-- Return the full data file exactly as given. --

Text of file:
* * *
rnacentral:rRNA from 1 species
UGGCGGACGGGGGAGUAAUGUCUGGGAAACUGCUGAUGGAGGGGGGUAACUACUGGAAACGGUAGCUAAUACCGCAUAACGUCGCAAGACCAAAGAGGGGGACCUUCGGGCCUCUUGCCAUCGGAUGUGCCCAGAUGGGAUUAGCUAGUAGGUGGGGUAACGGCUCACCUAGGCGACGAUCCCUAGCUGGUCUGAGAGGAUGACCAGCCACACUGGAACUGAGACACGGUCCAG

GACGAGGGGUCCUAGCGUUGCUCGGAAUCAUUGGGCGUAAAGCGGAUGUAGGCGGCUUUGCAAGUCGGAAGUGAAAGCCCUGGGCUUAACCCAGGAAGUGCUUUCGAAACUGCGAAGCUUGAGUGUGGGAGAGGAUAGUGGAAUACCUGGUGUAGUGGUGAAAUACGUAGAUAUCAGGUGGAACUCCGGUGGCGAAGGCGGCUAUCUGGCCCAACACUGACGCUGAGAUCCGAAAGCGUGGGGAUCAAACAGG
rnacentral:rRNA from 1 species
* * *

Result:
rnacentral:rRNA from 1 species
UGGCGGACGGGGGAGUAAUGUCUGGGAAACUGCUGAUGGAGGGGGGUAACUACUGGAAACGGUAGCUAAUACCGCAUAACGUCGCAAGACCAAAGAGGGGGACCUUCGGGCCUCUUGCCAUCGGAUGUGCCCAGAUGGGAUUAGCUAGUAGGUGGGGUAACGGCUCACCUAGGCGACGAUCCCUAGCUGGUCUGAGAGGAUGACCAGCCACACUGGAACUGAGACACGGUCCAG

GACGAGGGGUCCUAGCGUUGCUCGGAAUCAUUGGGCGUAAAGCGGAUGUAGGCGGCUUUGCAAGUCGGAAGUGAAAGCCCUGGGCUUAACCCAGGAAGUGCUUUCGAAACUGCGAAGCUUGAGUGUGGGAGAGGAUAGUGGAAUACCUGGUGUAGUGGUGAAAUACGUAGAUAUCAGGUGGAACUCCGGUGGCGAAGGCGGCUAUCUGGCCCAACACUGACGCUGAGAUCCGAAAGCGUGGGGAUCAAACAGG
rnacentral:rRNA from 1 species